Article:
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11 October 2017, 13:30
Scottish businesses from football to farming have voiced their fears about the impact of Brexit on staffing, profitability and growth.
A Scottish Government report draws together the concerns of firms and calls for their voices to be heard as the UK negotiates leaving the European Union (EU).
The report says uncertainty is already impacting on some sectors such as aviation, with Glasgow Airport warning airlines could lose the legal framework to fly some routes without new agreements being agreed pre-Brexit.
Managing director Amanda McMillan said: "A number of airlines have stated they will scale back their UK growth plans, focusing instead on adding capacity at airports in the EU.
"This has the potential to undermine Scotland's connectivity."
The ability to attract and retain staff is cited as a major concern for many businesses, including shortbread firm Walkers of Aberlour, which employs around 500 seasonal workers from the EU.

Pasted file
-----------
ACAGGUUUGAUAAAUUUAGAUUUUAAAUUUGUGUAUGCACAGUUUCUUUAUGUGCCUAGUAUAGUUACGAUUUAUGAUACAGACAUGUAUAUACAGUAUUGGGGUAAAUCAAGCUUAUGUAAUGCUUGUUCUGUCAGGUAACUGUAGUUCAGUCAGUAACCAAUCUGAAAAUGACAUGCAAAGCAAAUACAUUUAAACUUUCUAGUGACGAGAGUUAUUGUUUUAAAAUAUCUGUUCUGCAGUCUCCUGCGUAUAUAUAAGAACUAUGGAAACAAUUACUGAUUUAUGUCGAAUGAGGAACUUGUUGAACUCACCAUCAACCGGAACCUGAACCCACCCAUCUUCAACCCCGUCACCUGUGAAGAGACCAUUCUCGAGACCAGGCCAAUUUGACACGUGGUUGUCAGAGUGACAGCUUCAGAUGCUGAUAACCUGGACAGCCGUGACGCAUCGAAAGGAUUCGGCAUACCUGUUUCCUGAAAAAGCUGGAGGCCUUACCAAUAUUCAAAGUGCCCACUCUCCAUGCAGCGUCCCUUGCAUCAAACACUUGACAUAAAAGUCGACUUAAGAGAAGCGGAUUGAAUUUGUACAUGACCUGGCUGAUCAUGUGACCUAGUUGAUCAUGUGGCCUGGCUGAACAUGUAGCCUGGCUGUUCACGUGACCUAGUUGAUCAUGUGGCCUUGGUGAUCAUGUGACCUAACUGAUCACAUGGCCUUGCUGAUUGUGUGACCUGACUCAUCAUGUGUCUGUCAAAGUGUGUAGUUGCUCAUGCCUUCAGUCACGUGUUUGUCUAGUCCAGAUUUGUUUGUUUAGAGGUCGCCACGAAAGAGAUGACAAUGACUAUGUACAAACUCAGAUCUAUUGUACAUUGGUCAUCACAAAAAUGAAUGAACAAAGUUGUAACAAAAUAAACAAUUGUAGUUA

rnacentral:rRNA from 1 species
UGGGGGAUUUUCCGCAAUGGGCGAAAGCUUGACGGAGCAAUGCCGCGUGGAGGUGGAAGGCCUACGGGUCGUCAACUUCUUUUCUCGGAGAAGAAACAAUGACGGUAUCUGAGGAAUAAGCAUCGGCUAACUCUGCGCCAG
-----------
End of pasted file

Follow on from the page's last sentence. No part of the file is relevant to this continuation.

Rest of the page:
At the University of Edinburgh 26% of university staff and 15% of students come from the EU, while Angus Growers warn there is already a 5-10% shortage of workers in the soft fruit sector.
The freedom of movement is also a concern for the Scottish Professional Football League, which says the existing flexibility to employ players from Europe and around the globe greatly benefits Scottish clubs.
Firms are also worried about future opportunities narrowing as a result of leaving the EU, with television production company Maramedia saying it would struggle to maintain its production base in Scotland without vital EU funding.
Tidal energy company Nova Innovation said access to EU markets, supply chain and free movement of people, would have an impact on future success, while the Scottish Salmon Company (SSC) said remaining in the single market would allow important trade relationships to grow.
Scotland's Brexit Minister Michael Russell said: "This report articulates the concerns of Scottish businesses as the Brexit clock ticks towards the UK's departure from the EU.
"It is clear that there is a great deal at stake for every business. Their voices must be listened to before irreversible decisions are taken."